Then a long one about the INSANE SHIT happening at the Bolshoi Ballet. Eye-opening and bizarre and well-reported and the kind of stuff you subscribe for. It had the odd effect of making me retroactively thankful to my grandfather’s family for moving to the US long before I was born, lest I be born in Russia.** What a horrible thing to think, right? Read the article, my friends. It involves lye being thrown at a former ballet dancer’s face. And no one is surprised, because apparently in Russia this is just how it is.

Turn the page, and we come to what I personally*** thought was an extremely heartfelt and honest and thought-provoking Margaret Talbot piece about transgender kids. I have learnt through bitter experience, however, to never ever ever write anything on the internet that could be even mildly construed as being critical of any choice any transgender person makes, even if you were just honestly asking for help thinking through a few things, even if you admitted your 10+ years old thoughts on the topic maybe might not line up with your current thoughts, etc etc, lest you want to be massively and severely spammed and ceaselessly labeled as a transphobe by others on the internet. So I, having certainly learned my lesson (toe the line or shut the fuck up, cis girl), I will now shut up lest the article has not been deemed sufficiently trans positive by the community at large. 

The fiction was utterly perfect.

Well-written, written by a black woman who was not Zadie Smith (miracle!****), Chimamanda Ngozi Adichie (I write her name here only for the pleasure of typing her name), about a black working-class character. Since the days of The New Yorker Whiteboy Watch, their non-whiteboy contributor numbers seem to have steadily crept up. Not steadily enough, but this particular complaint doesn’t resonate so much these days with me when I open the mag. Anyway I loved the damn story, it broke my heart and I couldn’t stop thinking about the main character for the rest of the day.

The magazine was rounded out with a nice foodie bit by Jane Kramer, a review of “Consider the Fork” by Bee Wilson (feel free to buy it for me and send it to me c/o LL, 25 North Front, NP, NY 12561, it looks real good and I’m already $40 over my book-buying budget of $20 for this month), all about how our cooking implements came to be. The magazine excels at dishing out this sort of everyday anthropology, doesn’t it? It’s nice. Did you know butter knives are blunt as a sign that you’re not meant to attempt to murder your dining companions? That prior to the invention of flatware our teeth looked vastly different (now we mostly have overbites, where previously “the top incisors clash[ed] against the bottom ones, like a guillotine blade”?)? That the Chinese stir-frying technique was developed to stretch meat and fuel oil (by cutting everything into thin pieces, meat would go further and everything would cook faster)? (I knew that one, bet you did too.)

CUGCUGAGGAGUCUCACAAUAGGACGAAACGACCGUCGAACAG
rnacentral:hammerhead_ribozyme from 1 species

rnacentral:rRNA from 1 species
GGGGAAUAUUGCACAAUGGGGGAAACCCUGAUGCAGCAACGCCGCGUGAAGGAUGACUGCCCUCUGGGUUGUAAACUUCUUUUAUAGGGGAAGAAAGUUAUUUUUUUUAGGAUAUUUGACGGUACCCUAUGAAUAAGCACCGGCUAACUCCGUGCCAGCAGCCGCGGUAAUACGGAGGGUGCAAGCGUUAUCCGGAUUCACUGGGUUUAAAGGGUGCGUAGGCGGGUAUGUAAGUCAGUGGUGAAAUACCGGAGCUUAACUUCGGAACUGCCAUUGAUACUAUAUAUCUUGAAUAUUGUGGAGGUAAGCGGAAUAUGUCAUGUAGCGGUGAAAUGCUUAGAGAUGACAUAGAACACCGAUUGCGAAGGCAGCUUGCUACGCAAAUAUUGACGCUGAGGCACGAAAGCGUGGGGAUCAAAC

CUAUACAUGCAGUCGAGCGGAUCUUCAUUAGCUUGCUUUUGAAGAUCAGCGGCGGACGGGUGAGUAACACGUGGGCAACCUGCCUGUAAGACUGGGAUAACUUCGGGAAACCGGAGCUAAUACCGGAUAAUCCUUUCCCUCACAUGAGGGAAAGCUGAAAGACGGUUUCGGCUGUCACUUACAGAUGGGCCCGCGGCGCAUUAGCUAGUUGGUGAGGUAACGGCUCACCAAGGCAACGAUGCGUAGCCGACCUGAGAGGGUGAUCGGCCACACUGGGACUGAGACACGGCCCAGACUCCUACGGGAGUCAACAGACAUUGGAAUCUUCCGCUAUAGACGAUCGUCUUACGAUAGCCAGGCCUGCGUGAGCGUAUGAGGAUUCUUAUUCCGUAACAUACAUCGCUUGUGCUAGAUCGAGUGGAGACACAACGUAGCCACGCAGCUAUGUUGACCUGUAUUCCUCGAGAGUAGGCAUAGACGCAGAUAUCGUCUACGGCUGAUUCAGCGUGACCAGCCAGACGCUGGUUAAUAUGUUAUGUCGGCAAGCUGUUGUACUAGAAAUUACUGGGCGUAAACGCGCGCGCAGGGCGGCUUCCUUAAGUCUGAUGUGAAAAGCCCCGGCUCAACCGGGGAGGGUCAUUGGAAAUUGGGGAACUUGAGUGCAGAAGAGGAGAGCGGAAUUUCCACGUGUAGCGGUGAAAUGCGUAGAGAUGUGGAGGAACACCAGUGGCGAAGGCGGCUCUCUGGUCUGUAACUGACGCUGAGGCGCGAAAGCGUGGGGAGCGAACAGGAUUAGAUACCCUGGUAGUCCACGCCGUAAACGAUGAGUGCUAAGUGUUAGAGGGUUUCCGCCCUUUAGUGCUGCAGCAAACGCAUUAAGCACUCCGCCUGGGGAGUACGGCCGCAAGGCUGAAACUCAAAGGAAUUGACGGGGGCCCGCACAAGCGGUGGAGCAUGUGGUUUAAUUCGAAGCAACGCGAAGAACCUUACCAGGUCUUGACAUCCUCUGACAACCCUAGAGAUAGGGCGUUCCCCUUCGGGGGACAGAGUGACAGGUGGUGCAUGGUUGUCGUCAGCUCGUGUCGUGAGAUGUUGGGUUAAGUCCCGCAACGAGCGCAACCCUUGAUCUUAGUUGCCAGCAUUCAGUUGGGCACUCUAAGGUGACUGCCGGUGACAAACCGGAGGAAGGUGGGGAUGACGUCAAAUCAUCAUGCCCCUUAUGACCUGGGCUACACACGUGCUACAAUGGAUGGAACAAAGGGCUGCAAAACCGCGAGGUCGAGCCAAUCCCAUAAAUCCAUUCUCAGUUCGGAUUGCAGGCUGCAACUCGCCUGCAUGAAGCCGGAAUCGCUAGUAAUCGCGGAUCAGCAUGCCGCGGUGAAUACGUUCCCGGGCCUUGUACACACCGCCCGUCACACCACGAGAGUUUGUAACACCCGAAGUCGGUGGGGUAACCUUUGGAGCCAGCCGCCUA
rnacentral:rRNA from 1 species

The miracle of the cuiz (as we call it, chez Lagusta’s Luscious) is discussed too—I often think about how instantly the food processor evaporated centuries of pounding and mixing work—and, since it made women’s work easier, expectations for women’s work were ratcheted up [as Kramer puts it, “The American housewife…now had the time and curiosity to…take up cooking well.”], because women always get fucked over, no matter what. (See: changing quilting styles after widespread availability of sewing machines. And a trillion other examples. The article talks about nothing like this, I am currently off on a mega-tangent.).